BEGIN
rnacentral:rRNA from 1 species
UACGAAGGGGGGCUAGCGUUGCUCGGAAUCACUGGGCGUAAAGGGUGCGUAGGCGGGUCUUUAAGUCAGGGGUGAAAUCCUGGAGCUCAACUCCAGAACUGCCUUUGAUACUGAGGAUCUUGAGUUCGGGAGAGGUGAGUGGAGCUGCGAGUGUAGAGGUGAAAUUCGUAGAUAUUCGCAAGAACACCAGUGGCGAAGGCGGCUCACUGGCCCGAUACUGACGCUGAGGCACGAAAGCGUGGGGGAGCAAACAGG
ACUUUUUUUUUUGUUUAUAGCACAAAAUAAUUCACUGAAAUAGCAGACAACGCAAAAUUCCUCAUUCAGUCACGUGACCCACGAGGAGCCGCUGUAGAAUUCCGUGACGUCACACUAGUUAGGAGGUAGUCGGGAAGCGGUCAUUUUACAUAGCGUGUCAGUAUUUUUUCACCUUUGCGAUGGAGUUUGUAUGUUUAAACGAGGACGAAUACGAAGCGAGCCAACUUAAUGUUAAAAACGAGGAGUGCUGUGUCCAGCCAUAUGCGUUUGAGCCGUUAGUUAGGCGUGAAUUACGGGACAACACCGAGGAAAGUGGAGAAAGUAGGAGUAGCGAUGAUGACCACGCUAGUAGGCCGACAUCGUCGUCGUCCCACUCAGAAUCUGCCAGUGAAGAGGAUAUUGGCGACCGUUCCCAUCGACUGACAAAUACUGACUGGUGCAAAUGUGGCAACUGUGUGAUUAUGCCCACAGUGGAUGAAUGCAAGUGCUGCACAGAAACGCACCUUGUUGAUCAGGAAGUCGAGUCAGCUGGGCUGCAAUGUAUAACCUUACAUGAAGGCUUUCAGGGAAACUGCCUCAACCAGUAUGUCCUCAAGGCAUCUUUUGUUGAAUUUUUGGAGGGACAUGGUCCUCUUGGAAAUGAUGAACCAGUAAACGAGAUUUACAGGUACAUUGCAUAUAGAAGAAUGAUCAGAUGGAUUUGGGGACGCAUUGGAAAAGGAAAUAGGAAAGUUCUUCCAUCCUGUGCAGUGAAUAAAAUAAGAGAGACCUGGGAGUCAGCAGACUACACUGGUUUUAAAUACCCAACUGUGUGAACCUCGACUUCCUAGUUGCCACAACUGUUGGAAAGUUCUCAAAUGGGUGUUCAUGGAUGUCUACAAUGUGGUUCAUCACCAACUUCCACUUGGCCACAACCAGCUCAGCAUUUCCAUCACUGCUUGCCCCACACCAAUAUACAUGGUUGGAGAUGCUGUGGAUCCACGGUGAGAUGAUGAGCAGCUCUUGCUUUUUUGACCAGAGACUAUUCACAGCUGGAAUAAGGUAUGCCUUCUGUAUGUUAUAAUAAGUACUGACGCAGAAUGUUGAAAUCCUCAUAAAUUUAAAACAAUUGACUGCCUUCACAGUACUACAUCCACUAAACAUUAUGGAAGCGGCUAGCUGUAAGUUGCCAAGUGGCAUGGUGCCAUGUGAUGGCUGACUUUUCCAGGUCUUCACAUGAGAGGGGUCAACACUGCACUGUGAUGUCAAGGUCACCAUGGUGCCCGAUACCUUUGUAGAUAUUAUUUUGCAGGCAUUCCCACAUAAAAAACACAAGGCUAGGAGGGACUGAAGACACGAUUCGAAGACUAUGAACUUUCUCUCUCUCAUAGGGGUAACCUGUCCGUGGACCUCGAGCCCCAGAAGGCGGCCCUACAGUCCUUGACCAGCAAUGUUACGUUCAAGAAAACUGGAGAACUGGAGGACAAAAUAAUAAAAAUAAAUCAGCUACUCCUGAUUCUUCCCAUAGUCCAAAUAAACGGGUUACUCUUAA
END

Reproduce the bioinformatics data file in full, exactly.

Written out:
rnacentral:rRNA from 1 species
UACGAAGGGGGGCUAGCGUUGCUCGGAAUCACUGGGCGUAAAGGGUGCGUAGGCGGGUCUUUAAGUCAGGGGUGAAAUCCUGGAGCUCAACUCCAGAACUGCCUUUGAUACUGAGGAUCUUGAGUUCGGGAGAGGUGAGUGGAGCUGCGAGUGUAGAGGUGAAAUUCGUAGAUAUUCGCAAGAACACCAGUGGCGAAGGCGGCUCACUGGCCCGAUACUGACGCUGAGGCACGAAAGCGUGGGGGAGCAAACAGG
ACUUUUUUUUUUGUUUAUAGCACAAAAUAAUUCACUGAAAUAGCAGACAACGCAAAAUUCCUCAUUCAGUCACGUGACCCACGAGGAGCCGCUGUAGAAUUCCGUGACGUCACACUAGUUAGGAGGUAGUCGGGAAGCGGUCAUUUUACAUAGCGUGUCAGUAUUUUUUCACCUUUGCGAUGGAGUUUGUAUGUUUAAACGAGGACGAAUACGAAGCGAGCCAACUUAAUGUUAAAAACGAGGAGUGCUGUGUCCAGCCAUAUGCGUUUGAGCCGUUAGUUAGGCGUGAAUUACGGGACAACACCGAGGAAAGUGGAGAAAGUAGGAGUAGCGAUGAUGACCACGCUAGUAGGCCGACAUCGUCGUCGUCCCACUCAGAAUCUGCCAGUGAAGAGGAUAUUGGCGACCGUUCCCAUCGACUGACAAAUACUGACUGGUGCAAAUGUGGCAACUGUGUGAUUAUGCCCACAGUGGAUGAAUGCAAGUGCUGCACAGAAACGCACCUUGUUGAUCAGGAAGUCGAGUCAGCUGGGCUGCAAUGUAUAACCUUACAUGAAGGCUUUCAGGGAAACUGCCUCAACCAGUAUGUCCUCAAGGCAUCUUUUGUUGAAUUUUUGGAGGGACAUGGUCCUCUUGGAAAUGAUGAACCAGUAAACGAGAUUUACAGGUACAUUGCAUAUAGAAGAAUGAUCAGAUGGAUUUGGGGACGCAUUGGAAAAGGAAAUAGGAAAGUUCUUCCAUCCUGUGCAGUGAAUAAAAUAAGAGAGACCUGGGAGUCAGCAGACUACACUGGUUUUAAAUACCCAACUGUGUGAACCUCGACUUCCUAGUUGCCACAACUGUUGGAAAGUUCUCAAAUGGGUGUUCAUGGAUGUCUACAAUGUGGUUCAUCACCAACUUCCACUUGGCCACAACCAGCUCAGCAUUUCCAUCACUGCUUGCCCCACACCAAUAUACAUGGUUGGAGAUGCUGUGGAUCCACGGUGAGAUGAUGAGCAGCUCUUGCUUUUUUGACCAGAGACUAUUCACAGCUGGAAUAAGGUAUGCCUUCUGUAUGUUAUAAUAAGUACUGACGCAGAAUGUUGAAAUCCUCAUAAAUUUAAAACAAUUGACUGCCUUCACAGUACUACAUCCACUAAACAUUAUGGAAGCGGCUAGCUGUAAGUUGCCAAGUGGCAUGGUGCCAUGUGAUGGCUGACUUUUCCAGGUCUUCACAUGAGAGGGGUCAACACUGCACUGUGAUGUCAAGGUCACCAUGGUGCCCGAUACCUUUGUAGAUAUUAUUUUGCAGGCAUUCCCACAUAAAAAACACAAGGCUAGGAGGGACUGAAGACACGAUUCGAAGACUAUGAACUUUCUCUCUCUCAUAGGGGUAACCUGUCCGUGGACCUCGAGCCCCAGAAGGCGGCCCUACAGUCCUUGACCAGCAAUGUUACGUUCAAGAAAACUGGAGAACUGGAGGACAAAAUAAUAAAAAUAAAUCAGCUACUCCUGAUUCUUCCCAUAGUCCAAAUAAACGGGUUACUCUUAA